This is a detailed study on the uses of the Old Testament in "Luke-Acts", focusing on the theme of the Gentile mission as it relates to the Old Testament.Scholarship on the uses of the Old Testament in "Luke-Acts" has tended to focus upon the role played by the Old Testament in the development of the author's Christology. James Meek, however, draws out the theme of the Gentile mission in Acts as it relates to the Old Testament, and gives particular attention to four texts: 13:47 ("Isaiah" 49:6); 15:16-18 ("Amos" 9:11-12); 2:17-21 ("Joel" 3:1-5 MT); 3:25 ("Genesis" 22:18). The quotations in "Acts" 13 and 15 receive greater attention because they explicitly address the issue of the Gentile mission (the two earlier texts anticipate it) and because of particular interpretive questions raised by these texts.Meek argues that while there are similarities in the quotations in "Acts" with the Old Greek form of the cited texts, the argument never depends on distinctive readings of the Old Greek. He therefore rejects claims that the author's use of Old Testament texts is dependent entirely on the Old Greek.
He also maintains that all four quotations are used in a manner consistent with their sense in their original contexts, contrary to the common assertion that the New Testament commonly cites Old Testament texts without regard for original sense or context. His third principal argument is that these Old Testament quotations function as 'proof from prophecy,' contrary to the argument of some. In particular, they are cited to demonstrate the legitimacy of the Gentile mission as conducted by the early church and of the Gentiles' place among the people of God, showing these ideas to be central to the author's purpose.Formerly the "Journal for the Study of the New Testament Supplement", a book series that explores the many aspects of New Testament study including historical perspectives, social-scientific and literary theory, and theological, cultural and contextual approaches. "The Early Christianity in Context" series, a part of JSNTS, examines the birth and development of early Christianity up to the end of the third century CE. The series places Christianity in its social, cultural, political and economic context.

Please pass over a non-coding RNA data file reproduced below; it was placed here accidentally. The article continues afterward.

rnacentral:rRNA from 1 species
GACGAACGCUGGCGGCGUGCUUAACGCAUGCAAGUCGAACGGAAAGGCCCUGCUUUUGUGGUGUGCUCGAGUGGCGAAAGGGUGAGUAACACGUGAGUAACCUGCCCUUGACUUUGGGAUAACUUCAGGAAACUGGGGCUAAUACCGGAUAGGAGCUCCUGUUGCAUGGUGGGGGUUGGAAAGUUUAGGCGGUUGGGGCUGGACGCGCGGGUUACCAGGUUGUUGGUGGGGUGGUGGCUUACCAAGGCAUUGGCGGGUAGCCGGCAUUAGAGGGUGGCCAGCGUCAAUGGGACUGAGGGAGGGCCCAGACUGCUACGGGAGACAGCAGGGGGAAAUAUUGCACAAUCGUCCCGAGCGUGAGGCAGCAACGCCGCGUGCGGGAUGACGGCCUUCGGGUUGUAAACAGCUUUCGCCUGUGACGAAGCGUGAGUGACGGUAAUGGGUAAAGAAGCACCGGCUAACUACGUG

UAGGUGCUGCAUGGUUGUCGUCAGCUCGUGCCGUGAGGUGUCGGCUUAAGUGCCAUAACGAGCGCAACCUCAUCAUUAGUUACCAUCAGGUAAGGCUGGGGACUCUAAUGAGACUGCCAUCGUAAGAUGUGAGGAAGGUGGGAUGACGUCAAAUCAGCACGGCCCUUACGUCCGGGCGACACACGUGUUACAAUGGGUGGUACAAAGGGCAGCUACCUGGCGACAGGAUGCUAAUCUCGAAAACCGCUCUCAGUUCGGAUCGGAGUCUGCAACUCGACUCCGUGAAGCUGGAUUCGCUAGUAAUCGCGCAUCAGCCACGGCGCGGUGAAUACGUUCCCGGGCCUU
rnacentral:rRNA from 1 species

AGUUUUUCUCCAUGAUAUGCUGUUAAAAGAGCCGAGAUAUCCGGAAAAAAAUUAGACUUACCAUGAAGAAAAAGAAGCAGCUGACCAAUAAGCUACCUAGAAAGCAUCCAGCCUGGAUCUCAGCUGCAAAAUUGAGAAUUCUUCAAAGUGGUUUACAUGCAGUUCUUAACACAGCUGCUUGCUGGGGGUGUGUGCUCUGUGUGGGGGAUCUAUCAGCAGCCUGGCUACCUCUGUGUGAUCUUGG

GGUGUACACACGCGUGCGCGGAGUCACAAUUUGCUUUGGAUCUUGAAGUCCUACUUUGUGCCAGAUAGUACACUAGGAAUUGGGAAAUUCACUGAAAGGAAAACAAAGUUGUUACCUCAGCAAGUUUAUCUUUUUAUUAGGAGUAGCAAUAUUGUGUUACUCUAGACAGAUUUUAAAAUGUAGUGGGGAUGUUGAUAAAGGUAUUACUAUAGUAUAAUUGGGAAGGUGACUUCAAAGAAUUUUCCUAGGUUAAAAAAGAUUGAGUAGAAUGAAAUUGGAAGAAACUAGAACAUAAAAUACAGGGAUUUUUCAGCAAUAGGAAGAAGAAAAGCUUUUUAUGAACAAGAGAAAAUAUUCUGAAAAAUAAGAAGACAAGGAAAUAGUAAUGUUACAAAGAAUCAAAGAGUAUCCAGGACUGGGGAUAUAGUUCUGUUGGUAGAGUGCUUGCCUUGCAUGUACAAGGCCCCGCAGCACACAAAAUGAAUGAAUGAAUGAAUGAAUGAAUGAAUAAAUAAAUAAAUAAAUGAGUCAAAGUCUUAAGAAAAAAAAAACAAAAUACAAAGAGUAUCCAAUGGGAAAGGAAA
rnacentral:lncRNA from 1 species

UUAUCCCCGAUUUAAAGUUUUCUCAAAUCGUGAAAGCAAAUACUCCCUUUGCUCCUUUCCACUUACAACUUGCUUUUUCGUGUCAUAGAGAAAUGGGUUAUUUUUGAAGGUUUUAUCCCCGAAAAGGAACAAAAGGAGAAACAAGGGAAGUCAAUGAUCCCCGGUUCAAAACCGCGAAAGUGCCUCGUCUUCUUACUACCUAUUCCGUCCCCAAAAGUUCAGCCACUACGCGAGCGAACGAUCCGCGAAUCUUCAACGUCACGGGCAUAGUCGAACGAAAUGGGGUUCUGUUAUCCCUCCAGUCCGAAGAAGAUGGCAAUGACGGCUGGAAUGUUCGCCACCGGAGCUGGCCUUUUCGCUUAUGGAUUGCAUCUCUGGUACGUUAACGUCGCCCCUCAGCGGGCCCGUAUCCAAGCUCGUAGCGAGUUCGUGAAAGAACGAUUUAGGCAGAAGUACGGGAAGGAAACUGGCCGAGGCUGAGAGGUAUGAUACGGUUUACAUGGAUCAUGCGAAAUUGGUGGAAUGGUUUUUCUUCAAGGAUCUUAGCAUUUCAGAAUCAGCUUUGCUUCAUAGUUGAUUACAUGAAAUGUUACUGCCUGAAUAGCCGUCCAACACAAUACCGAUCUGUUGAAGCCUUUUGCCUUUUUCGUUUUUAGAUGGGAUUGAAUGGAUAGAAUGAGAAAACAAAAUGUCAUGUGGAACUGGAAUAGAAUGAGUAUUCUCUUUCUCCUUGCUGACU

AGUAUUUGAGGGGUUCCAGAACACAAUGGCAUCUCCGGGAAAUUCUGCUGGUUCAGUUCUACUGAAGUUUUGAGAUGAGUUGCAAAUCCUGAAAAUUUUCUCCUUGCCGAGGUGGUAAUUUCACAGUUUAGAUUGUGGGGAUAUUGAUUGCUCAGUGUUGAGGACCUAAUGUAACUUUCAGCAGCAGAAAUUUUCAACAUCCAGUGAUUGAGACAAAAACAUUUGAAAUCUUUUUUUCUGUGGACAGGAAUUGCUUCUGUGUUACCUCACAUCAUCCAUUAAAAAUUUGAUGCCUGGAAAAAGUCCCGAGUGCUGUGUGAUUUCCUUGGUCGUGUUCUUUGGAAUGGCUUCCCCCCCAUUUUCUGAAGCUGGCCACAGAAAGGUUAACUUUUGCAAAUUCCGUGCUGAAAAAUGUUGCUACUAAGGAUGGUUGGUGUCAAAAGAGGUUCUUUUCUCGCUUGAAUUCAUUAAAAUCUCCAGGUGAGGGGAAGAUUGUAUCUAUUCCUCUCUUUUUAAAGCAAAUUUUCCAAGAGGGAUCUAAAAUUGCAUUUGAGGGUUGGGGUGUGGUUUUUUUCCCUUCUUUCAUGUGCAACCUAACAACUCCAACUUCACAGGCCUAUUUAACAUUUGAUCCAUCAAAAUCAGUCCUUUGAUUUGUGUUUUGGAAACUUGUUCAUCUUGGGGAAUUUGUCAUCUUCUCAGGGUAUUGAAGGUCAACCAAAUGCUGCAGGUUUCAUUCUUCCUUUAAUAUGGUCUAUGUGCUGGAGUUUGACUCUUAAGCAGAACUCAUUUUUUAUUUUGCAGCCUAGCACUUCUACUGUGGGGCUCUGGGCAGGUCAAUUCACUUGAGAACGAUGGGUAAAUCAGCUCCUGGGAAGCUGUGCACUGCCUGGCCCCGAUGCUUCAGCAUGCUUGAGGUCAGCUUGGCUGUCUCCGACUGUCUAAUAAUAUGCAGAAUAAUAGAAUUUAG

"European Seminar on Christian Origins" and "Journal for the Study of the Historical Jesus Supplement" are also part of JSNTS.
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(234mm x 156mm x 20mm)
T.& T.Clark Ltd
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Author Biography - James A. Meek
Dr. James A. Meek is self-employed as an educational consultant. Previously he was Associate Dean for Academics and Assistant Professor of Bible at Covenant Theological Seminary in St. Louis, Missouri, USA.